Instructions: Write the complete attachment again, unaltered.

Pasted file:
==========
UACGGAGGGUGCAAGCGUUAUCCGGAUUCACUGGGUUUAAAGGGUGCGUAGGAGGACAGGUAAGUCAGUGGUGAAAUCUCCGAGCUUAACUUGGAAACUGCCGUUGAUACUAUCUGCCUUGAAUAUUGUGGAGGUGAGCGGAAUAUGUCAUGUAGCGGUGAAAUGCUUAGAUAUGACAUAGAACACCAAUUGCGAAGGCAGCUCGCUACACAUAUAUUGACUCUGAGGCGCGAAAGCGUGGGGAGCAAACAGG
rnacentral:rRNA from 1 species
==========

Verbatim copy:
UACGGAGGGUGCAAGCGUUAUCCGGAUUCACUGGGUUUAAAGGGUGCGUAGGAGGACAGGUAAGUCAGUGGUGAAAUCUCCGAGCUUAACUUGGAAACUGCCGUUGAUACUAUCUGCCUUGAAUAUUGUGGAGGUGAGCGGAAUAUGUCAUGUAGCGGUGAAAUGCUUAGAUAUGACAUAGAACACCAAUUGCGAAGGCAGCUCGCUACACAUAUAUUGACUCUGAGGCGCGAAAGCGUGGGGAGCAAACAGG
rnacentral:rRNA from 1 species